Anglicans to swim the Tiber in droves?

I have read so much about this lately, but I’m going to be a lone reed here and say, I actually am more than a bit concerned about this.

And i’m going to say something else….why isn’t anyone else more than a bit concerned about this too?

Writing as a former Anglican myself I feel very much that this potential en mass swim to Rome has to be about much more than getting the hump that a majority has voted in favour of female bishops being ordained in the Anglican Church.

So let me get this right.

If the vote wasn’t in favour of female bishops, the Anglicans would be staying put?

Yes?

Thought so.

That to me is a problem y’see.

You either agree with what the Catholic Church teaches or you don’t.

Are Anglicans suddenly going to agree with what the Church teaches, wholly?

All those problems with the Papacy are going to be eradicated are they?

Along with a slew of other ‘grey areas’ to which Anglicans so often fence sit (particularly the pro choice issues).

We can boost our numbers, maybe even our parish finances for a time, but sooner or later, unless there’s a real connection, they are going to disappear from view.

Sometimes i think people just get far too worked up about adding to our church.

Without looking after those who are already its members.

It may sound good that thousands of Anglicans may become Catholic….and yes it would undoubtably be good for those who are genuinely open to learning what the Catholic Church teaches and therupon accepting those same teachings, if they then become Catholic…but how many will blindly follow their Anglican pastors?

How many more are going to be merely disgruntled church goers?

Wrong reasons I tell ya.

Wrong reasons.

Advertisements
This entry was posted in Faith Matters, News, Uncategorized. Bookmark the permalink.

16 Responses to Anglicans to swim the Tiber in droves?

  1. I mainly agree with your sentiments, Debbie, especially as one who swam the Tiber last time, some 14 years ago now.
    Three points:
    1. No one should become a Catholic in order to leave something else – it must be because they want to be reconciled with the Church
    2. If this current vote enables some to re-evaluate the Catholic Church, all well and good – so long as that is what they do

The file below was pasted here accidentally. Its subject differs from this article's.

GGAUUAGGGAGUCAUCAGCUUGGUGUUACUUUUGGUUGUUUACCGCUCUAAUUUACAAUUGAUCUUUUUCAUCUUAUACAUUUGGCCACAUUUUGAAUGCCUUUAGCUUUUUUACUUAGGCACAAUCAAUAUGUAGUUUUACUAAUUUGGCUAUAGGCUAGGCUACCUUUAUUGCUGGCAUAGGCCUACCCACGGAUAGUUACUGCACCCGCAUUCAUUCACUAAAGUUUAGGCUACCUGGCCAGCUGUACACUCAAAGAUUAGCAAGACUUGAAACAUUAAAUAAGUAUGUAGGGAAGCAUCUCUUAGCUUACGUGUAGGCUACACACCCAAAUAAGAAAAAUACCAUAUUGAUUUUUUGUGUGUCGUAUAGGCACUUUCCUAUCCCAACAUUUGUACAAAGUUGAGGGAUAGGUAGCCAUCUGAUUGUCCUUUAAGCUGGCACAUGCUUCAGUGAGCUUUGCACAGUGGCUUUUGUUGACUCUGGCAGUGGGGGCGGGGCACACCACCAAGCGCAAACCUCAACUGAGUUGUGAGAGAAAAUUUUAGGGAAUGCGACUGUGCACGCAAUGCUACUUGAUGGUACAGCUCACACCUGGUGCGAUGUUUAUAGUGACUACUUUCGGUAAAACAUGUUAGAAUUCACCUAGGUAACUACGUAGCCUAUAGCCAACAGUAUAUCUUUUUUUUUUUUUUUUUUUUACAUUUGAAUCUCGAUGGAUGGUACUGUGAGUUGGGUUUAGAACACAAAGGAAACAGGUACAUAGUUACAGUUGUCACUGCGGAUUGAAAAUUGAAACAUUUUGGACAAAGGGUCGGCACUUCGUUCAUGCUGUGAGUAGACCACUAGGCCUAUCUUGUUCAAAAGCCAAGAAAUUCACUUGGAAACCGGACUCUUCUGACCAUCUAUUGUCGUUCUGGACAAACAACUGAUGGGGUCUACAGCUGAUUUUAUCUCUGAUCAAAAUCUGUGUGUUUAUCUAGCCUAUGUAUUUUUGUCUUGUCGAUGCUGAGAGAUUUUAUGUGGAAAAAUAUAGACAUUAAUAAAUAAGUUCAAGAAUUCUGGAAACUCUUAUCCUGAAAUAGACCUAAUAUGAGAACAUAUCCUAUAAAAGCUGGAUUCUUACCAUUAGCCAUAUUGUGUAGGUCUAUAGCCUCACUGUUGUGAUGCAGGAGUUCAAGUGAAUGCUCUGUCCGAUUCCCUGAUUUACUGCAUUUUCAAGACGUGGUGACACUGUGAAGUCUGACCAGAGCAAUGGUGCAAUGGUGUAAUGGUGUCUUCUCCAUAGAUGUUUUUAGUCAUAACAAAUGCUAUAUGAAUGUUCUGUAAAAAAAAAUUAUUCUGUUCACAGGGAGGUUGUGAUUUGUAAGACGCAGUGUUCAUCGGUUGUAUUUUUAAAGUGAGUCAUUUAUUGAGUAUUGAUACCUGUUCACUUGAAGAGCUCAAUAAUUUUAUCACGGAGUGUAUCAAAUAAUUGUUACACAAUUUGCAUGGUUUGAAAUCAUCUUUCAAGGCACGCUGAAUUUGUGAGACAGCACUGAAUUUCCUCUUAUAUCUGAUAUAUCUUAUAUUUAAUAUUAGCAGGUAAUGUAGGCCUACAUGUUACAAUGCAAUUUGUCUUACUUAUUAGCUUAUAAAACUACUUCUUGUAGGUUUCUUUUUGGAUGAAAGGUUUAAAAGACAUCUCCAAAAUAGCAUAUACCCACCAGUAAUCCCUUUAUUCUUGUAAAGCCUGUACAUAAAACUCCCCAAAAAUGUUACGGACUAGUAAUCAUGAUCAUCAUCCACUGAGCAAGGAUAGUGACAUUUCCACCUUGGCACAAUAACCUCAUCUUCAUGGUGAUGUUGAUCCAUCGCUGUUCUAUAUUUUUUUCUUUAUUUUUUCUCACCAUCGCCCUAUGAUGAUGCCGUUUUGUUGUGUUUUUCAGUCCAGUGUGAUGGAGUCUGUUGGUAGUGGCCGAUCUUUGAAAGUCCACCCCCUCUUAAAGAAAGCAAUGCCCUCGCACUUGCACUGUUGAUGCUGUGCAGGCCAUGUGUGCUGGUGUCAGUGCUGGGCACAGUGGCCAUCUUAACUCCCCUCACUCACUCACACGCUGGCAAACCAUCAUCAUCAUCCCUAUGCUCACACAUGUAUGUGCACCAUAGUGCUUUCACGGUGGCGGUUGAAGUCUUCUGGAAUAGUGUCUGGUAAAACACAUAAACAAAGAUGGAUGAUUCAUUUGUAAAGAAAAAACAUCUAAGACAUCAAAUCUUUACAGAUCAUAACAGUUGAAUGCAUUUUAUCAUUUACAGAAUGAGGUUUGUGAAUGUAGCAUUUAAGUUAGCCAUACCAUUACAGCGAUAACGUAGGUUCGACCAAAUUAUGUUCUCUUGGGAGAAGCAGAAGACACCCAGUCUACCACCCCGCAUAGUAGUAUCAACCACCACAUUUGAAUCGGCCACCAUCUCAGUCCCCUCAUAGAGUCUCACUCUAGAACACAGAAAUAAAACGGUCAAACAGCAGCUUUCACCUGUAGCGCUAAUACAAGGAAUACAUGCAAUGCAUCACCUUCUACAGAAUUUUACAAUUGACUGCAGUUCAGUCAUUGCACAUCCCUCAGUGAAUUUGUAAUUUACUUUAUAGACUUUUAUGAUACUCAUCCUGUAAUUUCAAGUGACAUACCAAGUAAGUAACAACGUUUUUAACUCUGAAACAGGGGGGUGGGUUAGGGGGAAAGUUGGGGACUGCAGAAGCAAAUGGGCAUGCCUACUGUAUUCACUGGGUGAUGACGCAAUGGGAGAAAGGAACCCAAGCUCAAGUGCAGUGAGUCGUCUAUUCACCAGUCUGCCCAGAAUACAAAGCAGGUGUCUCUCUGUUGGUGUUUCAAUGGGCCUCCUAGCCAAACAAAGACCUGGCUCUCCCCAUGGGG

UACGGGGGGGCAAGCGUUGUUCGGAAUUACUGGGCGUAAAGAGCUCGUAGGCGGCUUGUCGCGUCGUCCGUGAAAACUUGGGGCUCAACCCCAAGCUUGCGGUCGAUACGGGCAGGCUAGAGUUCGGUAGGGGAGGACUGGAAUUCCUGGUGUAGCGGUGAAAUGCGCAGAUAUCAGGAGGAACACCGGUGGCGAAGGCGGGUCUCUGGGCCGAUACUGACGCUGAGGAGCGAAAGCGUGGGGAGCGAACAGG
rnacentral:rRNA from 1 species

3. Having been there before, all I can say is take a pinch of salt with anything you read. Some people have a great interest in hyping up and talk of ‘mass exodus’ for various reasons. Let’s just see what happens.

    Fr Peter

    PS I like the new design. I’m sure I’ve seen that window somewhere before.

  2. Tim J. says:

    Good, good points. The Holy Father has already made pretty plain that he doesn’t see a smaller, more faithful Catholic Church as a problem.

    We should hope, though, that these situations will be an occasion for these people to begin asking the right questions, and looking for solid answers. That’s what happened to me. My denomination was struggling with the same kinds of problems, and it led me to really begin wondering about the nature of Christian teaching authority and whether the actual Church that Christ founded could ever really be identified with any assurance (Yes, it can).

  3. Tim J. says:

    Oh, and I like the new look!

  4. Antonio says:

    I agree.
    But I also know that as I read somewhere, sometimes the best journeys start with phrases like, “Let’s get the heck out of here!”.

  5. Suzanne says:

    Don’t know much about all of this, but our Father Don
    told me a long time ago that he thought that many Anglicans would convert over and he seemed to think of this in an uplifting way.

  6. Owen says:

    Makes me think of this story: “So in the present case, I tell you, keep away from these men and let them alone; because if this plan or this undertaking is of human origin, it will fail; 39but if it is of God, you will not be able to overthrow them?in that case you may even be found fighting against God!?” – Gamaliel

    Beyond that, I don’t think I’m equipped to say.

  7. Suzanne says:

    Hi, Deb…I don’t even know how to get back on my old Facebook thing I started! I just wanted you to know that as it said you left me a message on the funwall. Well, thanks…I just don’t go on there at all as I can hardly keep up with what is on these blogs..ha! Suz

  8. Jay3gsm says:

    I have had similar thoughts about these stories concerning a mass exodus from the Anglican church into the Catholic Church. I’m more than happy for lost souls to find their way back to the Church, but the motives must surely be sound. Will the Anglicans have a belief in the real presence? Will they accept the Church’s teaching on contraception? Those who have divorced and re-married are going to have some difficult issues to face.